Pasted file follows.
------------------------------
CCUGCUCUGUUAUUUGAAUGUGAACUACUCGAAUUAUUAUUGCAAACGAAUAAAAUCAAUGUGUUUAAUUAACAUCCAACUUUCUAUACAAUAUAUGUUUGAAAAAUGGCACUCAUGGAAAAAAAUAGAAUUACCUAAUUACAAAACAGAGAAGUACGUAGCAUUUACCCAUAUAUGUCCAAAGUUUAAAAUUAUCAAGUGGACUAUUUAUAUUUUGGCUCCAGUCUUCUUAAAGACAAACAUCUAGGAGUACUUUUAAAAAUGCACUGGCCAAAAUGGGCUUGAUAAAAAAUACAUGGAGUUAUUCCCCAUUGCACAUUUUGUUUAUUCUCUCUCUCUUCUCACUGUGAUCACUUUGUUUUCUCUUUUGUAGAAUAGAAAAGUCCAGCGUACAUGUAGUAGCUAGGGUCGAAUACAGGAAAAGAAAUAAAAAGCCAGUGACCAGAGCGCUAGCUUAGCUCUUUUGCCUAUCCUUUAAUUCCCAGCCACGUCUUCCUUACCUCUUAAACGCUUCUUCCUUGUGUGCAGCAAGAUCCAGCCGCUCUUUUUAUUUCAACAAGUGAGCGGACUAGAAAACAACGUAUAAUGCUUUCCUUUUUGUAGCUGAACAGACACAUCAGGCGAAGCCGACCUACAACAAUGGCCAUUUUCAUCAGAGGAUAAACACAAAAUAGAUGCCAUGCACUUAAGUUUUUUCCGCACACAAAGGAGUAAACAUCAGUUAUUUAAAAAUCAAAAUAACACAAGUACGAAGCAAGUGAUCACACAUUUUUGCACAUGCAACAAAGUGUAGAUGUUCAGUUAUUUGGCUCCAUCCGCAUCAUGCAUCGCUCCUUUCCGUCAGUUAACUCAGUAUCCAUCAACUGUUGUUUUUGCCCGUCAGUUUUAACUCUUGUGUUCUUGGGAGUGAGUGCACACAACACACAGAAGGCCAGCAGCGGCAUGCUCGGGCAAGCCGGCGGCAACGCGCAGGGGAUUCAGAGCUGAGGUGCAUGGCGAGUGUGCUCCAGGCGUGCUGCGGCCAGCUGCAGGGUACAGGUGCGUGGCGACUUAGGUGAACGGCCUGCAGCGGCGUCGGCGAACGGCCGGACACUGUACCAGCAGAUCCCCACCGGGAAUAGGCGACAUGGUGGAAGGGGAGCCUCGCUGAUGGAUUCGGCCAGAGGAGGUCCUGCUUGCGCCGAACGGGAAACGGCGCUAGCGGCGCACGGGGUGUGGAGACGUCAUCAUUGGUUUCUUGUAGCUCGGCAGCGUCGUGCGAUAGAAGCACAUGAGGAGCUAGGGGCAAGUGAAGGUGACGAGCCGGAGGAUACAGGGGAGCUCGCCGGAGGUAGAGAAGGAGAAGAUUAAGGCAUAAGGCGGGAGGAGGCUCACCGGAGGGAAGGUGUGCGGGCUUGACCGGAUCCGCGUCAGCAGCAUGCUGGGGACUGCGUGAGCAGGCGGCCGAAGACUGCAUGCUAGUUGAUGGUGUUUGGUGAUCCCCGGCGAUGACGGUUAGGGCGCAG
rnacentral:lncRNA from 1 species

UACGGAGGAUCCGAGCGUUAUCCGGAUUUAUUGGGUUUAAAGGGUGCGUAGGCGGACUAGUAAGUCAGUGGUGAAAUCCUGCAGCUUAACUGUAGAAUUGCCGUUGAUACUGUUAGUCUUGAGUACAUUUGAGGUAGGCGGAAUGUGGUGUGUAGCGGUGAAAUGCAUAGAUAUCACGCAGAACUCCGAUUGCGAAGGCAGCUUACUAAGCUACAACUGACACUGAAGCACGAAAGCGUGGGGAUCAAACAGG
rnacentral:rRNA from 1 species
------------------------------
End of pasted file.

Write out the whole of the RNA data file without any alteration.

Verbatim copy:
CCUGCUCUGUUAUUUGAAUGUGAACUACUCGAAUUAUUAUUGCAAACGAAUAAAAUCAAUGUGUUUAAUUAACAUCCAACUUUCUAUACAAUAUAUGUUUGAAAAAUGGCACUCAUGGAAAAAAAUAGAAUUACCUAAUUACAAAACAGAGAAGUACGUAGCAUUUACCCAUAUAUGUCCAAAGUUUAAAAUUAUCAAGUGGACUAUUUAUAUUUUGGCUCCAGUCUUCUUAAAGACAAACAUCUAGGAGUACUUUUAAAAAUGCACUGGCCAAAAUGGGCUUGAUAAAAAAUACAUGGAGUUAUUCCCCAUUGCACAUUUUGUUUAUUCUCUCUCUCUUCUCACUGUGAUCACUUUGUUUUCUCUUUUGUAGAAUAGAAAAGUCCAGCGUACAUGUAGUAGCUAGGGUCGAAUACAGGAAAAGAAAUAAAAAGCCAGUGACCAGAGCGCUAGCUUAGCUCUUUUGCCUAUCCUUUAAUUCCCAGCCACGUCUUCCUUACCUCUUAAACGCUUCUUCCUUGUGUGCAGCAAGAUCCAGCCGCUCUUUUUAUUUCAACAAGUGAGCGGACUAGAAAACAACGUAUAAUGCUUUCCUUUUUGUAGCUGAACAGACACAUCAGGCGAAGCCGACCUACAACAAUGGCCAUUUUCAUCAGAGGAUAAACACAAAAUAGAUGCCAUGCACUUAAGUUUUUUCCGCACACAAAGGAGUAAACAUCAGUUAUUUAAAAAUCAAAAUAACACAAGUACGAAGCAAGUGAUCACACAUUUUUGCACAUGCAACAAAGUGUAGAUGUUCAGUUAUUUGGCUCCAUCCGCAUCAUGCAUCGCUCCUUUCCGUCAGUUAACUCAGUAUCCAUCAACUGUUGUUUUUGCCCGUCAGUUUUAACUCUUGUGUUCUUGGGAGUGAGUGCACACAACACACAGAAGGCCAGCAGCGGCAUGCUCGGGCAAGCCGGCGGCAACGCGCAGGGGAUUCAGAGCUGAGGUGCAUGGCGAGUGUGCUCCAGGCGUGCUGCGGCCAGCUGCAGGGUACAGGUGCGUGGCGACUUAGGUGAACGGCCUGCAGCGGCGUCGGCGAACGGCCGGACACUGUACCAGCAGAUCCCCACCGGGAAUAGGCGACAUGGUGGAAGGGGAGCCUCGCUGAUGGAUUCGGCCAGAGGAGGUCCUGCUUGCGCCGAACGGGAAACGGCGCUAGCGGCGCACGGGGUGUGGAGACGUCAUCAUUGGUUUCUUGUAGCUCGGCAGCGUCGUGCGAUAGAAGCACAUGAGGAGCUAGGGGCAAGUGAAGGUGACGAGCCGGAGGAUACAGGGGAGCUCGCCGGAGGUAGAGAAGGAGAAGAUUAAGGCAUAAGGCGGGAGGAGGCUCACCGGAGGGAAGGUGUGCGGGCUUGACCGGAUCCGCGUCAGCAGCAUGCUGGGGACUGCGUGAGCAGGCGGCCGAAGACUGCAUGCUAGUUGAUGGUGUUUGGUGAUCCCCGGCGAUGACGGUUAGGGCGCAG
rnacentral:lncRNA from 1 species

UACGGAGGAUCCGAGCGUUAUCCGGAUUUAUUGGGUUUAAAGGGUGCGUAGGCGGACUAGUAAGUCAGUGGUGAAAUCCUGCAGCUUAACUGUAGAAUUGCCGUUGAUACUGUUAGUCUUGAGUACAUUUGAGGUAGGCGGAAUGUGGUGUGUAGCGGUGAAAUGCAUAGAUAUCACGCAGAACUCCGAUUGCGAAGGCAGCUUACUAAGCUACAACUGACACUGAAGCACGAAAGCGUGGGGAUCAAACAGG
rnacentral:rRNA from 1 species